Keep Hot Foods Hot and Cold Foods Cold: A Consumer Guide to Thermometers and Safe Temperatures (FN1348, Reviewed Feb. 2021)

Cooks should not depend on their instincts, cooking time, oven temperature or product appearance to determine when a product is done. Use this guide for thermometers and safe temperatures.

Julie Garden-Robinson, Ph.D., R.D., L.R.D. Food and Nutrition Specialist


Bacteria are found nearly everywhere, including in most foods. Bacteria double in number every 10 to 30 minutes when exposed to ideal temperatures, pH, nutrients or moisture levels. Controlling temperature is a way to prevent bacteria from growing and possibly causing food-borne illness.

Cooks should not depend on their instincts, cooking time, oven temperature or product appearance to determine when a product is done: thermometers are important tools for protecting foods. Several types of thermometers are available for use with foods. Choose thermometers approved by the National Sanitation Foundation (NSF). They are usually available in restaurant supply businesses and some kitchen specialty stores. Be sure the thermometer can be calibrated for accuracy; check the package label for calibration directions. An inaccurate thermometer could be worse than no thermometer.

Glass mercury-filled thermometers should never be used for taking food temperatures because they could break. These thermometers should only be used for taking temperatures of people.

Types of thermometers

1. Bimetal stemmed (or bayonet-style) thermometers have a dial scale with a plastic lens cover and a temp-erature range from 0 to 220 degrees Fahrenheit (-18 to 105 C).

  • Their stems should be at least 5 inches long.
  • They should have a calibration nut under the dial.
  • They can accurately measure the temperature of relatively thick or deep foods (more than 2 inches) such as beef roasts and foods in stock pots.

Bimetal stemmed

2. Refrigerator-freezer thermometers may be built-in, hanging or sitting types.

  • They should be checked for accuracy using a calibrated stemmed thermometer: place the thermometers side by side in the refrigerator or freezer and com-pare readings. Inaccurate refrigerator-freezer thermometers usu-ally cannot be recalibrated and must be replaced.

3. Digital thermometers show temperatures quickly on an easy-to-read display.

  • They are available in several sizes and styles, some with inter-changeable temperature probes.
  • Some models can be calibrated. Change batteries based on use or according to indicator light.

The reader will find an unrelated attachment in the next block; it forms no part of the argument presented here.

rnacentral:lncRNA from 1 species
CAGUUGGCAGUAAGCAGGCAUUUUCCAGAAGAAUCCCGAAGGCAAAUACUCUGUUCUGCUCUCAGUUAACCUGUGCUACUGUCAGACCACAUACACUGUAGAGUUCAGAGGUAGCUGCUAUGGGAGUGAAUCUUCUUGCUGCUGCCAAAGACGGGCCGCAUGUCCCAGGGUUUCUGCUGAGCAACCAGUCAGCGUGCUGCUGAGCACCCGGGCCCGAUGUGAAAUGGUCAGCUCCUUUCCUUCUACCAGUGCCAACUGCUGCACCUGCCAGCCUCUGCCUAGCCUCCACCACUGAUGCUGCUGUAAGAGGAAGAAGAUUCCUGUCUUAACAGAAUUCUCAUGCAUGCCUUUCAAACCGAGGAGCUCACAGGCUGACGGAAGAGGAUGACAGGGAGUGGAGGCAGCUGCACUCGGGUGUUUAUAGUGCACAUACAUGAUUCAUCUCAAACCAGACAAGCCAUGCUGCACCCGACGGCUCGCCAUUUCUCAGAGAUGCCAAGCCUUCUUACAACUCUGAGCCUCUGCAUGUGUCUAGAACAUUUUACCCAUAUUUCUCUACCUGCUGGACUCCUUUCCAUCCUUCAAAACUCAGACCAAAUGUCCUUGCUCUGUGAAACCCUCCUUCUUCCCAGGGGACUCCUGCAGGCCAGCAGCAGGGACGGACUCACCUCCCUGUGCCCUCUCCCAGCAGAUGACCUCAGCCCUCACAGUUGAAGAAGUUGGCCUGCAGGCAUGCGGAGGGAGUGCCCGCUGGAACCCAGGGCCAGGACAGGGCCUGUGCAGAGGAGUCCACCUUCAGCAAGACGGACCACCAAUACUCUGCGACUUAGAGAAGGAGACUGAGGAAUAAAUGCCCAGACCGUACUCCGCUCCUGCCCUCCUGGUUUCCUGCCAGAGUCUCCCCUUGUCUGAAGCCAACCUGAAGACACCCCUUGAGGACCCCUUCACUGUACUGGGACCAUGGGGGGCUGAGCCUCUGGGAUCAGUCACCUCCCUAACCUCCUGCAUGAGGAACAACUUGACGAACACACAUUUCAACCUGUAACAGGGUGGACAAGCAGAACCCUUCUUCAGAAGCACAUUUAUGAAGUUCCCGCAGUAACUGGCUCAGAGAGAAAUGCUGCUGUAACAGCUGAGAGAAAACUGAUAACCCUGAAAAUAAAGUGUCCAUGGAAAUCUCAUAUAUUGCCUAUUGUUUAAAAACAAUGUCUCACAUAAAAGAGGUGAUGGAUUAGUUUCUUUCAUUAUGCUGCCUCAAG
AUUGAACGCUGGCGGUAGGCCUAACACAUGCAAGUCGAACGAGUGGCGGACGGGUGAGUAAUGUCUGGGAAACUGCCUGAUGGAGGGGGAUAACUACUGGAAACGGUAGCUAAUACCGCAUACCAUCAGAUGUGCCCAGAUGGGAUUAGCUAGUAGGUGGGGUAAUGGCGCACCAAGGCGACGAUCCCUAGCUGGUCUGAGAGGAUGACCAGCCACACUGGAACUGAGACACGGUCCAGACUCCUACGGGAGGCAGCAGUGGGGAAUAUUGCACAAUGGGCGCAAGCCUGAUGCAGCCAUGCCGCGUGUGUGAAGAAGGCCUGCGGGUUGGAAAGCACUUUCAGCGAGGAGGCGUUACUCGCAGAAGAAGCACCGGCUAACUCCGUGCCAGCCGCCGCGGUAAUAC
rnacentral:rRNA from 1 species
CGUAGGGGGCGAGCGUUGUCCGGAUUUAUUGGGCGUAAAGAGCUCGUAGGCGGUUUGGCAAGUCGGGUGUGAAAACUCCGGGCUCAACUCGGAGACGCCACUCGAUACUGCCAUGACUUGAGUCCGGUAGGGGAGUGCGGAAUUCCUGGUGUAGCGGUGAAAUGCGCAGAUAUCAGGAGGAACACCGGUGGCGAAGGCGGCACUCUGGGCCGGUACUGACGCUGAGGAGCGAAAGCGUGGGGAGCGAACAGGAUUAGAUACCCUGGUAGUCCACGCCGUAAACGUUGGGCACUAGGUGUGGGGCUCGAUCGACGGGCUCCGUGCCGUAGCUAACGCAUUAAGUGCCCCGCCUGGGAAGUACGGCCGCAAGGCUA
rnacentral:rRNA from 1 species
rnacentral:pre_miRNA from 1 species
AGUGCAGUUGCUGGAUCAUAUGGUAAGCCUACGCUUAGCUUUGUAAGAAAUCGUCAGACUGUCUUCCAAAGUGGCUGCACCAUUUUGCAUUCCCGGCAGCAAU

4. Candy, meat, microwave and deep-fry thermometers are, as their names suggest, designed for special uses.

Consumer Guide to Thermometers and Safe Temperatures

Calibrate stemmed thermometers regularly

Thermometers can get out of adjustment if they are jarred. Any time thermometers are dropped or exposed to extremes in temperatures, they should be calibrated. All thermometers—regardless of use—should be calibrated at least once a month to maintain their accuracy.

Two acceptable methods for calibration are the Ice Point Method, which is recommended for high altitudes, and the Boiling Point Method.

Ice Point Method

  1. Make a thick ice slush using crushed ice and cold water (50/50). Remove thermometer from its case and insert sensing area of thermometer into the center of the ice slush to a depth of at least two inches, avoiding the sides and bottom of the container.
  2. Allow indicator to stabilize.
  3. Adjust calibration nut so indicator reads 32 F (0 C).

Boiling Point Method

  1. Insert sensing area of thermometer into boiling water avoiding sides and bottom of pan.
  2. Allow indicator to stabilize.
  3. Adjust calibration nut so indicator reads 212 F (100 C). To adjust for high altitudes, decrease setting 1 F (0.6 C) for each 550 feet above sea level.

Care and Use of Thermometers

  • Remove the protective case on stemmed thermometers.
  • Wash thermometers in hot soapy water, rinse with clean hot water, sanitize with a solution of one tablespoon chlorine bleach per gallon of clean lukewarm (at least 75 F) water, and air-dry before, between and after uses. Keep the protective case clean, especially inside the case.
  • Place thermometer in the center of the dish or in the thickest part of meat away from bone, inserting to the “dimple” or a minimum of two inches on the stem of the thermometer.
  • Take the temperature reading when the needle on the dial has stopped moving for 15 seconds or the digital scale stabilizes.
  • Take the temperature of the food in several places to confirm thorough cooking.
  • Do not leave thermometers with plastic lens covers in foods during cooking. Use a meat thermometer or other thermometer that can withstand the heat of the oven.

Store, Cook and Hold Foods at Safe Temperatures

The Danger Zone refers to the temperature range from 40 to 140 degrees Fahrenheit, which provides ideal growth conditions for bacteria.

Food should not be in the Danger Zone for more than two hours. Cool foods to 40 F in four hours or less.

Safe Storage Temperatures
Coolers (Refrigerators) 40 F or below
Freezers 0 F or below
Safe Internal Cooking Temperatures
Ground beef, pork 160 F
Ground poultry, stuffing 165 F
Whole chicken, turkey; poultry breasts
Medium 165 F
Well-done 165 F
Whole stuffed chicken, turkey 165 F
Roasts, steaks, chops
(beef, pork, lamb, veal) 145 F*
Fresh (raw) 145 F*
Fully-cooked, to reheat 140 F
Cooked products/leftovers to be reheated 165 F

*Allow the meat to rest for three minutes. For reasons of personal preference, consumers may choose to cook meat to higher temperatures.

Note: Measure the temperature of microwave-cooked foods in several places. Stir and rotate foods during cooking and allow to stand two minutes after cooking to allow for even distribution of heat.


Filed under: food, food-safety
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